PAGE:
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HKUMed reports real-time population data on depression and suicidal ideation: a ten-year prospective cohort

11 Jul 2019

The “FAMILY Cohort” research team at the School of Public Health, LKS Faculty of Medicine, The University of Hong Kong (HKUMed) finds that the point prevalence of both probable depression and potential suicidal ideation have increased across all ages in both sexes over the past decade (from 2009 to 2019), coinciding with important sociopolitical events including Occupy Central and the Fugitive Offenders and Mutual Legal Assistance in Criminal Matters Legislation (Amendment) Bill (hereinafter “the Bill”).


A 10-year study that began in 2009 based on the “FAMILY Cohort” has been assessing the evolution of depression over eight waves of surveys before, during and after major social events from March 2009 to July 7, 2019.

Our previous studies found that Occupy Central was associated with a substantial and persistent increase in depressive symptoms.  In the wake of recent protests arising from the Bill, there has been concern that recent suicides may reflect a deep well of mental distress.

The current study wave therefore sought to assess: (1) estimates of the point prevalence of probable depression and potential suicide ideation; (2) compare and track previous and current estimates longitudinally; and (3) understand the epidemiologic characteristics of mental ill health at different time points thus risk groups for special attention.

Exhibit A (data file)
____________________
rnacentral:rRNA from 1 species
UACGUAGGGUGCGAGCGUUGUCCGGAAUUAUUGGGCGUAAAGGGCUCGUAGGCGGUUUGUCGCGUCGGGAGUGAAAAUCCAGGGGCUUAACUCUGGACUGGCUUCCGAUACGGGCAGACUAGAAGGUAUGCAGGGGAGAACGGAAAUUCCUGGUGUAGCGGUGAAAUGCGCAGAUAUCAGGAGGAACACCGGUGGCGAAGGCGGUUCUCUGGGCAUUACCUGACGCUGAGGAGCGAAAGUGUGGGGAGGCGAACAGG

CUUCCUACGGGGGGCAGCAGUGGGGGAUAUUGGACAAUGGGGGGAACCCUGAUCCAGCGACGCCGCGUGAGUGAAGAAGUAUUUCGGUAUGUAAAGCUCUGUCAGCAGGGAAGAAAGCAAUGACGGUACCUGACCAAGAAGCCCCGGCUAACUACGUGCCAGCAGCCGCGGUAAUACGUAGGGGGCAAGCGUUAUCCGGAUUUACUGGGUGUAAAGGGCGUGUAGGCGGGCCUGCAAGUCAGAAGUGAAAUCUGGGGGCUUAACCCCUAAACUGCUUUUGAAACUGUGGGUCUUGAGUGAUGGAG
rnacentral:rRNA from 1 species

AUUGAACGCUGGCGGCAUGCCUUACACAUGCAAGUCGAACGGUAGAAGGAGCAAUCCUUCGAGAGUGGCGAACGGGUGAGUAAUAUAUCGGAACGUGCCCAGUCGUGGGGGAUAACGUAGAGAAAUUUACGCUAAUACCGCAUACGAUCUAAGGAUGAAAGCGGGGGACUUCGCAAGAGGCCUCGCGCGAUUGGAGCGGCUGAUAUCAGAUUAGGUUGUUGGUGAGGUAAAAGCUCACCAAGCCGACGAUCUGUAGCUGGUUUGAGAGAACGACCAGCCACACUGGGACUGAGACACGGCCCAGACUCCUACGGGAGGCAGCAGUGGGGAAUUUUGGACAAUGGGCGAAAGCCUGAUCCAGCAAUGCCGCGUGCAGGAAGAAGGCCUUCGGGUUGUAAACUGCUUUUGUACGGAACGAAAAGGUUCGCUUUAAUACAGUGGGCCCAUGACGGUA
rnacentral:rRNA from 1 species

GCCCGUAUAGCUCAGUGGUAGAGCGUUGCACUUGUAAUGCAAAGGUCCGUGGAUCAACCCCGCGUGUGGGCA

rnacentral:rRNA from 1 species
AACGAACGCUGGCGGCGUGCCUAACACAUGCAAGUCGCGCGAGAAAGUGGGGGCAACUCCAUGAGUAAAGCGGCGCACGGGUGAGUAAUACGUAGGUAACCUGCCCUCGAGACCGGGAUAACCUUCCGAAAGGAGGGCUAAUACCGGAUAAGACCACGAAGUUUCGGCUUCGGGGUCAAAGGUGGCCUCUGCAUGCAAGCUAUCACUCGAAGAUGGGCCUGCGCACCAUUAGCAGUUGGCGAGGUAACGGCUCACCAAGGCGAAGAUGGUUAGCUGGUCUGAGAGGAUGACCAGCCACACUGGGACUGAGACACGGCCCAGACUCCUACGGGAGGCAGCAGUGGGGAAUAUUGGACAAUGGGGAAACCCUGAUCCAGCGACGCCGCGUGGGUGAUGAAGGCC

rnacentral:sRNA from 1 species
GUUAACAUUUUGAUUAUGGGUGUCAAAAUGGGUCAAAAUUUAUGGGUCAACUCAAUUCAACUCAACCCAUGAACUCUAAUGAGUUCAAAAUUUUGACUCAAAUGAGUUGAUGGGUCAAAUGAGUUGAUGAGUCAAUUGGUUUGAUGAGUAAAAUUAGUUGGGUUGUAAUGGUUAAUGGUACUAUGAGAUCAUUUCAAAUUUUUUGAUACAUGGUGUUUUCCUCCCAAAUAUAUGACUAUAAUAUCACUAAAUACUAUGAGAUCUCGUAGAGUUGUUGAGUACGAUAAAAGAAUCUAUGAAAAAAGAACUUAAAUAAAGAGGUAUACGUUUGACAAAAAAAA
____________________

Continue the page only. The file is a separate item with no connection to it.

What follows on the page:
The FAMILY Cohort sample was obtained by stratified random sampling of households from all 18 districts in Hong Kong. Wave 1 of household visits (17,002 adults) was conducted from 2009-2011, and Wave 2 (12,448 adults) took place from 2011-2013.  In Wave 2, 73.2% of Wave 1 participants were successfully followed up.  A randomly drawn sample of adult participants aged 18 years and above who completed Wave 2 were surveyed within the first month of Occupy Central (Wave 3).  The study additionally oversampled young adults, due to higher levels of support of the protests within this demographic group, by randomly recruiting participants aged 18-35 years from the same sampling frame.  This population-based panel of individuals was followed up during Occupy Central (Waves 3 and 4) and after Occupy Central (Waves 5, 6 and 7) using telephone interviews. Additional samples from the FAMILY Cohort’s random core were added from 2014-2017 to maintain statistical power.

In Wave 8, the research team conducted a telephone survey with 1,269 participants from the panel of 1,788 individuals (71.0% response rate) between June 22, 2019 and July 7, 2019.

The eight waves of longitudinal data allow us to assess the evolution of mental health over a 10-year study period: Wave 1 (2009-2011), Wave 2 (2011-2014) Waves 3 & 4 (2014), Waves 5 & 6 (2015), Wave 7 (2017) and Wave 8 (2019).